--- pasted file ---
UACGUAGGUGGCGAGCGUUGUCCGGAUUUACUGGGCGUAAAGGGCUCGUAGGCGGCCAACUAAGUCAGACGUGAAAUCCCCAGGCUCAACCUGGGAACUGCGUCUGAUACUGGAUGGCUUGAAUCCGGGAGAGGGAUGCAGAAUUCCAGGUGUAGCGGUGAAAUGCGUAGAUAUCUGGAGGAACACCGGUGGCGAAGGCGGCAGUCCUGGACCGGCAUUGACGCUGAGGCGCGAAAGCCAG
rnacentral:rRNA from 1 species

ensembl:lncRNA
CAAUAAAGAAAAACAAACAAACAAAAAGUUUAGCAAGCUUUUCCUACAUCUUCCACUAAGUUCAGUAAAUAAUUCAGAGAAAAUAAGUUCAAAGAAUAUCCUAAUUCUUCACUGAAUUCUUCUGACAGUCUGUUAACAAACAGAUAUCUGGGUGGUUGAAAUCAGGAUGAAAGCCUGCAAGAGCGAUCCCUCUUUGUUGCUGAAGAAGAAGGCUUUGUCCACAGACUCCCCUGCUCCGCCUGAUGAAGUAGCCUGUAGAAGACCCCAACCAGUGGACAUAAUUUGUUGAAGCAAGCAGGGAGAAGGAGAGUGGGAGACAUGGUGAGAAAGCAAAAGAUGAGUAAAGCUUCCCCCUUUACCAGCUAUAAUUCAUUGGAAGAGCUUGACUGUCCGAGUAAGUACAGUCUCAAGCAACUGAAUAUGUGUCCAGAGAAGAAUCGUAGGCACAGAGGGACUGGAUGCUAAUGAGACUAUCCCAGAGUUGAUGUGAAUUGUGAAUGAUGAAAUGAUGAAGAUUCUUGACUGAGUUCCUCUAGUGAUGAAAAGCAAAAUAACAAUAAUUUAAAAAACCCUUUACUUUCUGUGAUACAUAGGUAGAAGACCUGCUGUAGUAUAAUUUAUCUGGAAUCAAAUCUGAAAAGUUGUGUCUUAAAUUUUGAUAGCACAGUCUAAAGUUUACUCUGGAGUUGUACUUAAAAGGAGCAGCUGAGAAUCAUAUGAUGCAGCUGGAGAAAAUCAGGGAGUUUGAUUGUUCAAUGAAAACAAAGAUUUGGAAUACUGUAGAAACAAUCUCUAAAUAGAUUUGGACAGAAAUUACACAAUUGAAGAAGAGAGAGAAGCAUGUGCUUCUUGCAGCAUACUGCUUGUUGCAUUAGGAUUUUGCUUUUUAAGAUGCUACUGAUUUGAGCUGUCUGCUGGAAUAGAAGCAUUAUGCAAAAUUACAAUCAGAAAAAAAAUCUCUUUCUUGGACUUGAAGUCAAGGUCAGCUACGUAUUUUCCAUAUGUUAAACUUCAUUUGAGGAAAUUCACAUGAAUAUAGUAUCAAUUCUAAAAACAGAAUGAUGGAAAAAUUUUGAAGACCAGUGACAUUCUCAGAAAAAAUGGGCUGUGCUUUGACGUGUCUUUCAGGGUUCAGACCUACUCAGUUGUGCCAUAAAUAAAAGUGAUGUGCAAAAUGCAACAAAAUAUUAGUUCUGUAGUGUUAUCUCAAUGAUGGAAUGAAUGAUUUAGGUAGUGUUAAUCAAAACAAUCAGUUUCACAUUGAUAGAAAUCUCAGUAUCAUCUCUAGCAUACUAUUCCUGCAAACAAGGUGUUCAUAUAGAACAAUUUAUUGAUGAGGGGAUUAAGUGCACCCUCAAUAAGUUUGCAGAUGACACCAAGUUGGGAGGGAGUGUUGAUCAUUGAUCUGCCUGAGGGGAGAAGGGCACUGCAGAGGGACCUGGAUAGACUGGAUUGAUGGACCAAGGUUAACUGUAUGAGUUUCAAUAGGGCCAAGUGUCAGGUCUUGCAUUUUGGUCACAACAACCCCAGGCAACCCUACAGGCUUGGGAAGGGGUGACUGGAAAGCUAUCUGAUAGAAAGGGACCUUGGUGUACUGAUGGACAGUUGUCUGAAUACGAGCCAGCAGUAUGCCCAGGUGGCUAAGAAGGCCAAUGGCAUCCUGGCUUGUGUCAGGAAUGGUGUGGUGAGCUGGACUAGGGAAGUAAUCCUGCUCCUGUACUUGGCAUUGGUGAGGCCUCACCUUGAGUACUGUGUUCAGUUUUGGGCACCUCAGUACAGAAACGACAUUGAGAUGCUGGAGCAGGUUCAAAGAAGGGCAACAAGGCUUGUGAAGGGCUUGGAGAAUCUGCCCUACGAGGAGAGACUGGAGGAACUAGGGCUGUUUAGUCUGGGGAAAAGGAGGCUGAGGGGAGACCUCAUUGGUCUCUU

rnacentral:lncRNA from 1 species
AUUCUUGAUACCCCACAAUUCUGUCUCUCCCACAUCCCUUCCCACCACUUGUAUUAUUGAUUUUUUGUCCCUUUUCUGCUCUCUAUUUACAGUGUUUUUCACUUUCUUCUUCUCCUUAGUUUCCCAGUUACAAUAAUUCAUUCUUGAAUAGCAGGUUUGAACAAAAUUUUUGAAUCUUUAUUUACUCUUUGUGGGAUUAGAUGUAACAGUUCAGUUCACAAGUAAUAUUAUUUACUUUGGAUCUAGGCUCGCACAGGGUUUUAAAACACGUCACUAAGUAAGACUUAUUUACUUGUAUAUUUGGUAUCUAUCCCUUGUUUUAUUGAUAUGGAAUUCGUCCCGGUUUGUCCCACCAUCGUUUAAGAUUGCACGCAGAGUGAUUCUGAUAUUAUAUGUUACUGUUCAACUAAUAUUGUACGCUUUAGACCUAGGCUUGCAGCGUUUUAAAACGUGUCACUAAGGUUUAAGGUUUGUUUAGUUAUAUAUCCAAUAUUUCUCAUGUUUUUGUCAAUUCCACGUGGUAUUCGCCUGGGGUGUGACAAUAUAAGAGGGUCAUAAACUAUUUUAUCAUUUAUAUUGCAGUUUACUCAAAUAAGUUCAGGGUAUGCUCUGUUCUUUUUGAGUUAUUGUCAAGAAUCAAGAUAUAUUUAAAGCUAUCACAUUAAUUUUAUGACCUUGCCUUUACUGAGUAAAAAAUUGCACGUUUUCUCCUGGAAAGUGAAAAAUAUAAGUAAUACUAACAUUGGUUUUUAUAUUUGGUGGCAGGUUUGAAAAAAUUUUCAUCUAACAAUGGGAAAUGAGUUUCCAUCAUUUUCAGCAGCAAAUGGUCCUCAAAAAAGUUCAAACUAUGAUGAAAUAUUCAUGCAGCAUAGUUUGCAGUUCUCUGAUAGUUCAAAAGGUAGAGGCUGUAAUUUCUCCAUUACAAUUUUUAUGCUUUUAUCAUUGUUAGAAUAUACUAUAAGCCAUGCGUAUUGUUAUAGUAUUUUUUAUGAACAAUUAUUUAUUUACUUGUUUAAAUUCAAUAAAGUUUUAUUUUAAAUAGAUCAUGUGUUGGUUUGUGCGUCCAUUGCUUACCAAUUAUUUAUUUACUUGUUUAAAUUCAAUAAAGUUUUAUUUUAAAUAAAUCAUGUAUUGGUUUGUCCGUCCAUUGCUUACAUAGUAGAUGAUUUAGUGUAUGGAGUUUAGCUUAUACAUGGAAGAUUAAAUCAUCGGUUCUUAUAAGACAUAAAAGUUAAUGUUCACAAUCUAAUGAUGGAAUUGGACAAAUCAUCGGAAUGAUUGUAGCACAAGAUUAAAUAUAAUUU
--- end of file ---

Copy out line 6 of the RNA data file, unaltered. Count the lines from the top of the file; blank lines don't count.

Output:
AUUCUUGAUACCCCACAAUUCUGUCUCUCCCACAUCCCUUCCCACCACUUGUAUUAUUGAUUUUUUGUCCCUUUUCUGCUCUCUAUUUACAGUGUUUUUCACUUUCUUCUUCUCCUUAGUUUCCCAGUUACAAUAAUUCAUUCUUGAAUAGCAGGUUUGAACAAAAUUUUUGAAUCUUUAUUUACUCUUUGUGGGAUUAGAUGUAACAGUUCAGUUCACAAGUAAUAUUAUUUACUUUGGAUCUAGGCUCGCACAGGGUUUUAAAACACGUCACUAAGUAAGACUUAUUUACUUGUAUAUUUGGUAUCUAUCCCUUGUUUUAUUGAUAUGGAAUUCGUCCCGGUUUGUCCCACCAUCGUUUAAGAUUGCACGCAGAGUGAUUCUGAUAUUAUAUGUUACUGUUCAACUAAUAUUGUACGCUUUAGACCUAGGCUUGCAGCGUUUUAAAACGUGUCACUAAGGUUUAAGGUUUGUUUAGUUAUAUAUCCAAUAUUUCUCAUGUUUUUGUCAAUUCCACGUGGUAUUCGCCUGGGGUGUGACAAUAUAAGAGGGUCAUAAACUAUUUUAUCAUUUAUAUUGCAGUUUACUCAAAUAAGUUCAGGGUAUGCUCUGUUCUUUUUGAGUUAUUGUCAAGAAUCAAGAUAUAUUUAAAGCUAUCACAUUAAUUUUAUGACCUUGCCUUUACUGAGUAAAAAAUUGCACGUUUUCUCCUGGAAAGUGAAAAAUAUAAGUAAUACUAACAUUGGUUUUUAUAUUUGGUGGCAGGUUUGAAAAAAUUUUCAUCUAACAAUGGGAAAUGAGUUUCCAUCAUUUUCAGCAGCAAAUGGUCCUCAAAAAAGUUCAAACUAUGAUGAAAUAUUCAUGCAGCAUAGUUUGCAGUUCUCUGAUAGUUCAAAAGGUAGAGGCUGUAAUUUCUCCAUUACAAUUUUUAUGCUUUUAUCAUUGUUAGAAUAUACUAUAAGCCAUGCGUAUUGUUAUAGUAUUUUUUAUGAACAAUUAUUUAUUUACUUGUUUAAAUUCAAUAAAGUUUUAUUUUAAAUAGAUCAUGUGUUGGUUUGUGCGUCCAUUGCUUACCAAUUAUUUAUUUACUUGUUUAAAUUCAAUAAAGUUUUAUUUUAAAUAAAUCAUGUAUUGGUUUGUCCGUCCAUUGCUUACAUAGUAGAUGAUUUAGUGUAUGGAGUUUAGCUUAUACAUGGAAGAUUAAAUCAUCGGUUCUUAUAAGACAUAAAAGUUAAUGUUCACAAUCUAAUGAUGGAAUUGGACAAAUCAUCGGAAUGAUUGUAGCACAAGAUUAAAUAUAAUUU